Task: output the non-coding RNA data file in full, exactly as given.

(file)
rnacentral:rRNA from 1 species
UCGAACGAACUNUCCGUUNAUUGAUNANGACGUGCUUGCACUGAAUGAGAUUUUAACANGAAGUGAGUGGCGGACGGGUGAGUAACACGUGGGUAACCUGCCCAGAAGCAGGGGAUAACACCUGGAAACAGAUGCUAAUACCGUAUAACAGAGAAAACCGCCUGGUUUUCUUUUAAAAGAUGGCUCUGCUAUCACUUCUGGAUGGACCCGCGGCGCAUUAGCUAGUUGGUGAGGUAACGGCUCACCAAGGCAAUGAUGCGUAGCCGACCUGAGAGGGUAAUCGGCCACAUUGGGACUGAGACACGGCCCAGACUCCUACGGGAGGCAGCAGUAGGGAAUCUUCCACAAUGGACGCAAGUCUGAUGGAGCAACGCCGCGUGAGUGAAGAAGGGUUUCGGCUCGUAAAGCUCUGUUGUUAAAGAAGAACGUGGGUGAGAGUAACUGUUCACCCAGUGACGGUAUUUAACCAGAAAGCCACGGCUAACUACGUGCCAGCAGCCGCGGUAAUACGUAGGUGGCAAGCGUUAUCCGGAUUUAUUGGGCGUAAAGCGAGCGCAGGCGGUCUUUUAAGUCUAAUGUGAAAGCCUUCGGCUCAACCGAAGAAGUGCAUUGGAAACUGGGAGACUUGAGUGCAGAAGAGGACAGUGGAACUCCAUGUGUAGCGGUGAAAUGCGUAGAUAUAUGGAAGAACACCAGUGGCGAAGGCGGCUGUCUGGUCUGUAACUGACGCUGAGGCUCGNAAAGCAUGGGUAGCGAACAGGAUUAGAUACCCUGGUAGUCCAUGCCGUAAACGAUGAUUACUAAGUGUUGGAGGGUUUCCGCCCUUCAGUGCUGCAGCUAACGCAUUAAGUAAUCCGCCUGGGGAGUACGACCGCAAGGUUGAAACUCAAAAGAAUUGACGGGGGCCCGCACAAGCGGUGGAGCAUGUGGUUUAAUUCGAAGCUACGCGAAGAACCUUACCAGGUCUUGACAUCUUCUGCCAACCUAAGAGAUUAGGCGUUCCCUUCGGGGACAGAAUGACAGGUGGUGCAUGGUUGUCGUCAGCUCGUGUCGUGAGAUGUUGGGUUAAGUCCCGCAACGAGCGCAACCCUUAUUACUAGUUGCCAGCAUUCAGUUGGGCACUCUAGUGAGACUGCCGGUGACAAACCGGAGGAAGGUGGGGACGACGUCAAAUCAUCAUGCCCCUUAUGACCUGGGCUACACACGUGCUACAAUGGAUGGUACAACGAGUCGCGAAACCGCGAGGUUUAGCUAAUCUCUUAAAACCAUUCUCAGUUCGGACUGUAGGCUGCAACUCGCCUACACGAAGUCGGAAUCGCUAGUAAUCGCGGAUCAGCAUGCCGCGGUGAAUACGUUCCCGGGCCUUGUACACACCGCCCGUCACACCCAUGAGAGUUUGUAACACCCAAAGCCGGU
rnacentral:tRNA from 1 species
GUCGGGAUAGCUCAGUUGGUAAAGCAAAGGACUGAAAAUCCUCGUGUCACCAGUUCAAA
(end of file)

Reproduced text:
rnacentral:rRNA from 1 species
UCGAACGAACUNUCCGUUNAUUGAUNANGACGUGCUUGCACUGAAUGAGAUUUUAACANGAAGUGAGUGGCGGACGGGUGAGUAACACGUGGGUAACCUGCCCAGAAGCAGGGGAUAACACCUGGAAACAGAUGCUAAUACCGUAUAACAGAGAAAACCGCCUGGUUUUCUUUUAAAAGAUGGCUCUGCUAUCACUUCUGGAUGGACCCGCGGCGCAUUAGCUAGUUGGUGAGGUAACGGCUCACCAAGGCAAUGAUGCGUAGCCGACCUGAGAGGGUAAUCGGCCACAUUGGGACUGAGACACGGCCCAGACUCCUACGGGAGGCAGCAGUAGGGAAUCUUCCACAAUGGACGCAAGUCUGAUGGAGCAACGCCGCGUGAGUGAAGAAGGGUUUCGGCUCGUAAAGCUCUGUUGUUAAAGAAGAACGUGGGUGAGAGUAACUGUUCACCCAGUGACGGUAUUUAACCAGAAAGCCACGGCUAACUACGUGCCAGCAGCCGCGGUAAUACGUAGGUGGCAAGCGUUAUCCGGAUUUAUUGGGCGUAAAGCGAGCGCAGGCGGUCUUUUAAGUCUAAUGUGAAAGCCUUCGGCUCAACCGAAGAAGUGCAUUGGAAACUGGGAGACUUGAGUGCAGAAGAGGACAGUGGAACUCCAUGUGUAGCGGUGAAAUGCGUAGAUAUAUGGAAGAACACCAGUGGCGAAGGCGGCUGUCUGGUCUGUAACUGACGCUGAGGCUCGNAAAGCAUGGGUAGCGAACAGGAUUAGAUACCCUGGUAGUCCAUGCCGUAAACGAUGAUUACUAAGUGUUGGAGGGUUUCCGCCCUUCAGUGCUGCAGCUAACGCAUUAAGUAAUCCGCCUGGGGAGUACGACCGCAAGGUUGAAACUCAAAAGAAUUGACGGGGGCCCGCACAAGCGGUGGAGCAUGUGGUUUAAUUCGAAGCUACGCGAAGAACCUUACCAGGUCUUGACAUCUUCUGCCAACCUAAGAGAUUAGGCGUUCCCUUCGGGGACAGAAUGACAGGUGGUGCAUGGUUGUCGUCAGCUCGUGUCGUGAGAUGUUGGGUUAAGUCCCGCAACGAGCGCAACCCUUAUUACUAGUUGCCAGCAUUCAGUUGGGCACUCUAGUGAGACUGCCGGUGACAAACCGGAGGAAGGUGGGGACGACGUCAAAUCAUCAUGCCCCUUAUGACCUGGGCUACACACGUGCUACAAUGGAUGGUACAACGAGUCGCGAAACCGCGAGGUUUAGCUAAUCUCUUAAAACCAUUCUCAGUUCGGACUGUAGGCUGCAACUCGCCUACACGAAGUCGGAAUCGCUAGUAAUCGCGGAUCAGCAUGCCGCGGUGAAUACGUUCCCGGGCCUUGUACACACCGCCCGUCACACCCAUGAGAGUUUGUAACACCCAAAGCCGGU
rnacentral:tRNA from 1 species
GUCGGGAUAGCUCAGUUGGUAAAGCAAAGGACUGAAAAUCCUCGUGUCACCAGUUCAAA